Sutton Hoo, near Woodbridge, is the site of two sixth- and early-seventh-century cemeteries which were discovered in 1939. One cemetery contained an undisturbed ship burial, including a wealth of Anglo-Saxon artefacts of outstanding archaeological significance, most of which can now be seen in the British Museum.
It is generally thought that Raedwald, the ruler of the East Angles, was buried in the ship. Raedwald is still remembered locally in some of our street names.
The archaeological site is in the care of the National Trust. Staff from Sutton Hoo are visiting several Suffolk libraries with their fascinating information and artefacts over the next few months. If you want to know more, why not have a look at some of the many books about this outstanding archaeological site?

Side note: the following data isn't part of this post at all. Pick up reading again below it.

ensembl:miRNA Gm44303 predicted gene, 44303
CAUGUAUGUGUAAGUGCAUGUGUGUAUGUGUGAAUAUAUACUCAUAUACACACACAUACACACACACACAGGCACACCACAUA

You can also find out more from the Seckford Collection at Woodbridge Library.
The Reckoning of King Raedwald: the story of the king linked to the Sutton Hoo ship-burial, by Sam Newton
“In the long hot summer of 1939 Britain is preparing for war. But on a farm in Suffolk there is excitement of another kind. Mrs Pretty, the widowed farmer, has had her hunch proved correct that the strange mounds on her land hold buried treasure.”
“Brightfire covers important events during and after the reign of King Raedwald of Sutton Hoo, Suffolk, East Anglia, UK, and is set mainly in and around his homestead nearby, with some scenes set in Northumbria and elsewhere. The story is set in the period 608-633 AD, when Christianity is struggling to take hold on the eastern side of Britain.”
A fictional account of Raedwald’s burial.